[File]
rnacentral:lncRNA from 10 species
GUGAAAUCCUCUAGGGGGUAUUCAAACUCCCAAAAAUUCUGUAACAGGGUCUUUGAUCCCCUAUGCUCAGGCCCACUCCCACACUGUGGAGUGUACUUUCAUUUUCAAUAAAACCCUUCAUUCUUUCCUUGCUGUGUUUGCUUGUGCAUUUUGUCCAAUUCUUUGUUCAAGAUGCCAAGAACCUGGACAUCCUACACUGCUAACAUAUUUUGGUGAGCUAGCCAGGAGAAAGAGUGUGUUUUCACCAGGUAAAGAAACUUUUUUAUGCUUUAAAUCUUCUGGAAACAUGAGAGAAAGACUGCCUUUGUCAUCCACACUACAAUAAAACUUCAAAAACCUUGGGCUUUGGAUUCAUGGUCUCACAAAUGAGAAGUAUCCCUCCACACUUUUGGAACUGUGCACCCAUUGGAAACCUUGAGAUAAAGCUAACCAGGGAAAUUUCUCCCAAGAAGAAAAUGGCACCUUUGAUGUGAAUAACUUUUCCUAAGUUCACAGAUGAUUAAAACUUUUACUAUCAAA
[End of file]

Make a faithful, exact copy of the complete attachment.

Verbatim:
rnacentral:lncRNA from 10 species
GUGAAAUCCUCUAGGGGGUAUUCAAACUCCCAAAAAUUCUGUAACAGGGUCUUUGAUCCCCUAUGCUCAGGCCCACUCCCACACUGUGGAGUGUACUUUCAUUUUCAAUAAAACCCUUCAUUCUUUCCUUGCUGUGUUUGCUUGUGCAUUUUGUCCAAUUCUUUGUUCAAGAUGCCAAGAACCUGGACAUCCUACACUGCUAACAUAUUUUGGUGAGCUAGCCAGGAGAAAGAGUGUGUUUUCACCAGGUAAAGAAACUUUUUUAUGCUUUAAAUCUUCUGGAAACAUGAGAGAAAGACUGCCUUUGUCAUCCACACUACAAUAAAACUUCAAAAACCUUGGGCUUUGGAUUCAUGGUCUCACAAAUGAGAAGUAUCCCUCCACACUUUUGGAACUGUGCACCCAUUGGAAACCUUGAGAUAAAGCUAACCAGGGAAAUUUCUCCCAAGAAGAAAAUGGCACCUUUGAUGUGAAUAACUUUUCCUAAGUUCACAGAUGAUUAAAACUUUUACUAUCAAA